What has grown is Americans’ awareness of the scale and scope and the stubborn persistence of the pandemic. More than half (54 percent) now believe total coronavirus fatalities will surpass 100,000, up from 38 percent in April. Fifty-eight percent currently predict that the pathogen will be a serious problem for at least another three months — up 20 points since March. Roughly half (51 percent) think a resurgence of infections would be very likely if the economy were to reopen today. When presented with the choice, three out of four (76 percent) say they would prefer another month of lockdown to an additional 25,000 deaths from the coronavirus. And just 13 percent say it would be safe to reopen the economy if there were 200,000 new cases and 3,000 deaths per day — post-lockdown numbers the U.S. could potentially reach by the end of May, according to an internal Trump administration document obtained Monday by the New York Times. More than two-thirds (69 percent) say it would not be safe to reopen under that scenario.

At the same time, Americans are also starting to acknowledge that reopening is inevitable — and struggling to adjust. With disapproval of the way President Trump has handled the pandemic at an all-time high (53 percent), the public appears to be losing trust in state governments as well; during the past two weeks, their approval ratings have fallen 12 percentage points, on net, from 59 percent positive, 36 percent negative, to 53 percent positive, 42 percent negative. Over the same period, the share of Americans who believe their own community is “now” ready to reopen has nearly doubled — yet it still stands at only 13 percent. Forty-six percent of Americans predict their community won’t be ready to reopen until June 15 or later.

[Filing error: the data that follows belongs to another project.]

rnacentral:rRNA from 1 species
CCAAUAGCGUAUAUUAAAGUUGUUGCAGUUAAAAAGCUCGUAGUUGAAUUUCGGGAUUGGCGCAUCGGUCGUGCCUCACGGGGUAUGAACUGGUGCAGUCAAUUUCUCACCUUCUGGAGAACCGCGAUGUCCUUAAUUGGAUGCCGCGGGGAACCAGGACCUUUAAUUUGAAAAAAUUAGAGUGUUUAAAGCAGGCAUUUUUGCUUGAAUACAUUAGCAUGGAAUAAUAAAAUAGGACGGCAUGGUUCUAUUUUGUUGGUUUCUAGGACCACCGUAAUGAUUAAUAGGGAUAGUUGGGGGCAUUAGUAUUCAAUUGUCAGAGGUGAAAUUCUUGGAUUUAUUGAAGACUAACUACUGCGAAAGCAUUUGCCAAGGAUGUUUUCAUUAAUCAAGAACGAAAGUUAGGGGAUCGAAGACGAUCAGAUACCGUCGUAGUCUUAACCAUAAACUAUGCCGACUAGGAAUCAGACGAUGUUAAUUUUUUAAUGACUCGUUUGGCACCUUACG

As a result, people are preparing to take matters into their own hands. The share of Americans who say they will “voluntarily continue to practice social distancing even after official restrictions are lifted” has climbed 6 points from late April to 73 percent (driven largely by a 15-point increase among Democrats, to 87 percent). Two weeks ago, nearly three-quarters of Americans said they would continue to “stay 6 feet away from others whenever possible”; that number is essentially unchanged. Yet the poll found significant increases in support for all other social distancing measures, with clear majorities now saying they will wear cloth masks in public (up 11 points to 61 percent); that restaurants should require waiters to wear masks and gloves (up 11 points to 58 percent); and that large events like concerts and conferences should be suspended (up 5 points to 59 percent).

Looking ahead to the fall, Americans have mixed feelings about whether to reopen schools, with 39 percent in favor, 30 percent opposed and 31 percent unsure. But when it comes to how they want to cast their ballots in November’s election — the subject of some partisan dispute — Americans agree: 61 percent say they would rather vote by mail than in person.


Click here for the latest coronavirus news and updates. According to experts, people over 60 and those who are immunocompromised continue to be the most at risk. If you have questions, please refer to the CDC’s and WHO’s resource guides.